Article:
A Trumpist-Inspired Recipe for Disaster

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1 persistent peril

2 cups of seething stupidity

1 cup of perverse denial

2 tablespoons of gratuitous hubris

2 tablespoons of Lysol disinfectant

2 tablespoons of any failed ingredient

2 pinches of presidential hunches

1 tablespoon of indefensible rebelliousness

1 tablespoon of raging religious lunacy


  1. Preheat oven to highest setting.
  2. Set the peril aside for two months, allowing it to rise.
  3. Spend those months discussing the likelihood of the recipe ever being baked.
  4. Stir together remaining ingredients in a large mixing bowl.
  5. Pour the batter into a greased baking pan and insert into oven.
  6. Bake until the kitchen is engulfed in toxic smoke and flames begin to erupt in the oven.

Yield: 200,000 to 300,000 American deaths.

America’s kitchen is on fire, and the Head Chef—and most of his adoring fans—want to open the fire doors so he can serve his toxic concoction to the party attendees freely mingling throughout the house.

COVID-19 likely arrived in America as early as January. President Trump then spent the next two months discounting the virus’s danger and assuring us it would disappear in April, when the weather warmed.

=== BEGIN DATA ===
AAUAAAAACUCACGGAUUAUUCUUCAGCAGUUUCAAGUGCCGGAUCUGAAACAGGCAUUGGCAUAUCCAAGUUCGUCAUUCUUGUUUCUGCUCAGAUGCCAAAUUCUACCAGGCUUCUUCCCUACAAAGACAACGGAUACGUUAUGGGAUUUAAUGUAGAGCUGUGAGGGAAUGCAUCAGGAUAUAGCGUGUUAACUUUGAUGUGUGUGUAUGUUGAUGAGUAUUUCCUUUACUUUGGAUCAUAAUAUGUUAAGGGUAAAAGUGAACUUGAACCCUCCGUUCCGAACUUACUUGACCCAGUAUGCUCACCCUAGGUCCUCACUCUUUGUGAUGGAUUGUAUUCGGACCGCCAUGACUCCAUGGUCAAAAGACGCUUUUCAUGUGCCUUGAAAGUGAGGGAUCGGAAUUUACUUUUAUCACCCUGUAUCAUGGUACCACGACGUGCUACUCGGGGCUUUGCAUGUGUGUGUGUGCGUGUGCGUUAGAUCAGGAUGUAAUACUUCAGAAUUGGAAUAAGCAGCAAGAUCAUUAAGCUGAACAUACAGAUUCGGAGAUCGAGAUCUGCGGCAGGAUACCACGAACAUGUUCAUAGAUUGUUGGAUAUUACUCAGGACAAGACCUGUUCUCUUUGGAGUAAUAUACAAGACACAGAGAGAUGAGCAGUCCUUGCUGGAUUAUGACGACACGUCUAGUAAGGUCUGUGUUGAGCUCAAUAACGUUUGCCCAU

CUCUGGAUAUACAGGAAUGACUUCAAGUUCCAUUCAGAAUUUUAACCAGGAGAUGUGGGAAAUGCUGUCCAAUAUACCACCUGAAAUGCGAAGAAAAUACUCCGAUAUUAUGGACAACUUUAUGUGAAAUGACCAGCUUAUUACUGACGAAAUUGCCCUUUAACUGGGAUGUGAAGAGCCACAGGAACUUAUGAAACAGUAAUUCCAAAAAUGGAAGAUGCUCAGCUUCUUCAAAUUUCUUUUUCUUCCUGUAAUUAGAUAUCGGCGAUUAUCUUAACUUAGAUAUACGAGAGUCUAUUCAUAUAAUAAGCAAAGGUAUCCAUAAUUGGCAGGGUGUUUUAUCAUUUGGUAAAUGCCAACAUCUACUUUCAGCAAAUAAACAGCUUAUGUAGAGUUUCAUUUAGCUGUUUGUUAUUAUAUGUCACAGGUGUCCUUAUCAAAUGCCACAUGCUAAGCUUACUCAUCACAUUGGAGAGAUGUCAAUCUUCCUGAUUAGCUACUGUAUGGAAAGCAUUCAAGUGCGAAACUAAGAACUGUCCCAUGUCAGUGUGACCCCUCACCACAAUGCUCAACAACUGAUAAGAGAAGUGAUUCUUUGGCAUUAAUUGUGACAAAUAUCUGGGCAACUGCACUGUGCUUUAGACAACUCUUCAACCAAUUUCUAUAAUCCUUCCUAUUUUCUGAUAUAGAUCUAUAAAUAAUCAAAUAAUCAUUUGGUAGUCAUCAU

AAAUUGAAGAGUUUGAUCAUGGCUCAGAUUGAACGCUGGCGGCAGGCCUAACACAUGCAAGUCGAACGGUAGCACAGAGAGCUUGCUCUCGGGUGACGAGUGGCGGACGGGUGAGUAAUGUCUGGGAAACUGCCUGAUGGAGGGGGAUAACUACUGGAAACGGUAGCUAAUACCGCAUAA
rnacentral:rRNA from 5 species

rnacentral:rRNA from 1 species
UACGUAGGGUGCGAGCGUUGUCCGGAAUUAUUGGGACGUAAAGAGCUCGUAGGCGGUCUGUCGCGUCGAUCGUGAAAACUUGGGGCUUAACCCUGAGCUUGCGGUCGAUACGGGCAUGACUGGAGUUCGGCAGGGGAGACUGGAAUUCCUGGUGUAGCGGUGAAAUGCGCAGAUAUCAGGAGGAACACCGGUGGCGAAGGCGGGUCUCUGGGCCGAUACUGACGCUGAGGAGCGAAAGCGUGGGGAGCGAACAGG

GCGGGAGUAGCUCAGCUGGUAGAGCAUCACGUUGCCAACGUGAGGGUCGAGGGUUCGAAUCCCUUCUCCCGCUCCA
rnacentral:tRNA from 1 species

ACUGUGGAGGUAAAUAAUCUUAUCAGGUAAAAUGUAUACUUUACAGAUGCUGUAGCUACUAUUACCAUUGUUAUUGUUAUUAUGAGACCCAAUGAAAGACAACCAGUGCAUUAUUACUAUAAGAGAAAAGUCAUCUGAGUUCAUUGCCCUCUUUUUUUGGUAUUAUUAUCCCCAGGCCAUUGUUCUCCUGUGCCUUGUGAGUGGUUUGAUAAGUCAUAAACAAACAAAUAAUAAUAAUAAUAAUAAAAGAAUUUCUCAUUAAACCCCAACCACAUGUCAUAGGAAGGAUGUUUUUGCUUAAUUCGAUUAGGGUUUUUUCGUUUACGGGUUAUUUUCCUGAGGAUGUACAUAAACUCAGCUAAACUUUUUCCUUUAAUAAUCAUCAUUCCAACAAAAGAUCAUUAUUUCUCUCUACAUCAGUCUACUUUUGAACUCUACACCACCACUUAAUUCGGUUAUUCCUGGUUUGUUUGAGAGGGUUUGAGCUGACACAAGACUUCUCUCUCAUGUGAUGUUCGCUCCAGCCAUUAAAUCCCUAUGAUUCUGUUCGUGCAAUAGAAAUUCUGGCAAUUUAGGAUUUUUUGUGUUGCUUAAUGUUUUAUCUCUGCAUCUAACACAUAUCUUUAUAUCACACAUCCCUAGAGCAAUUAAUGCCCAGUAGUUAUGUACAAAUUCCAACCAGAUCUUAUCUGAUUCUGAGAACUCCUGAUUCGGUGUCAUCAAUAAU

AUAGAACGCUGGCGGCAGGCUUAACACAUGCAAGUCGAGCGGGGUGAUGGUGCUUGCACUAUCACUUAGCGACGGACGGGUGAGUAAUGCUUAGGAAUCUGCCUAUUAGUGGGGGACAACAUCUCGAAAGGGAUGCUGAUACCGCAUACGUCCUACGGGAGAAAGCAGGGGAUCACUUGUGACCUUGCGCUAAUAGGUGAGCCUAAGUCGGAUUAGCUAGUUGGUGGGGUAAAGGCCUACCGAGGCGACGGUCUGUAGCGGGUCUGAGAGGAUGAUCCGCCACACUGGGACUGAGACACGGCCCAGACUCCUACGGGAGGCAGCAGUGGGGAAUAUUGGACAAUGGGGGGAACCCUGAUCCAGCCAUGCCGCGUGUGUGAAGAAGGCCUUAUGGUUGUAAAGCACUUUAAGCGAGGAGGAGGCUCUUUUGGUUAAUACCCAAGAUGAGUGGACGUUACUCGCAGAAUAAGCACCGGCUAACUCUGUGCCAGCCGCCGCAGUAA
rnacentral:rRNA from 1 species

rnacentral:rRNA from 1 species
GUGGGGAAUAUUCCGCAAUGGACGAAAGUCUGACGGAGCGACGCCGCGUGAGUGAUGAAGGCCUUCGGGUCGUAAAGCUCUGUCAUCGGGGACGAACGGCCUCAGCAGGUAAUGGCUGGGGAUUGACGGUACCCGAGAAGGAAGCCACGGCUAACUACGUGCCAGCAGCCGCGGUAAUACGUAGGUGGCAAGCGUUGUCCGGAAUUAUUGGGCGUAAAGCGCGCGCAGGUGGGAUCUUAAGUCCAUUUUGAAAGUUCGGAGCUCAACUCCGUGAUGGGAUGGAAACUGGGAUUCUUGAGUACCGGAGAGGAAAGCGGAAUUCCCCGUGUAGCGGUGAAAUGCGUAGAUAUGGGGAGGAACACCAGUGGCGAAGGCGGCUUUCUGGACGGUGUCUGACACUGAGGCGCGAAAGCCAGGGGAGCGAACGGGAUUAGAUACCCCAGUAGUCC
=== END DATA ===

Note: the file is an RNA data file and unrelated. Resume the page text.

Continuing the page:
Now, in mid-May, with much of the nation toasting in the 70s and 80s, nearly 90,000 Americans have died from the disease Trump said would be gone a month ago.

Now, in mid-May, with much of the nation toasting in the 70s and 80s, nearly 90,000 Americans have died from the disease Trump said would be gone a month ago.

Despite the loss of those 90,000 Americans, Trump and most of his devout followers are pushing to reopen the country and return to business as usual. “It’s our Constitutional right to do as we please,” many Americans screech.  Penny Nance, CEO and President of Concerned Women for America, says, “The American spirit in 2020 still shouts, ‘Give me liberty, or give me death!’ as Patrick Henry did in 1775. No exception for Covid-19.”

The problem with such cavalier contentions is that the contenders’ proclaimed willingness to risk death is not made in solitary confinement. Nance’s haughty outlook and conduct, for example, ripples out to a vulnerable society. COVID-19 does not target only risk-takers. But, as I’ve said before, Nance and most Trumpist types seem incapable of empathy. A crisis is not a crisis until it hits the Trumpist directly or one of his or her closest friends or relatives.

But Trump—the brilliant leader who suggested COVID sufferers ingest disinfectants—knows better than the medical experts. We should have known this; remember, he also knew more about military matters than the military experts and more about diplomatic matters than the career diplomats. Trump’s hunches always trump experts’ decades of hard-earned knowledge.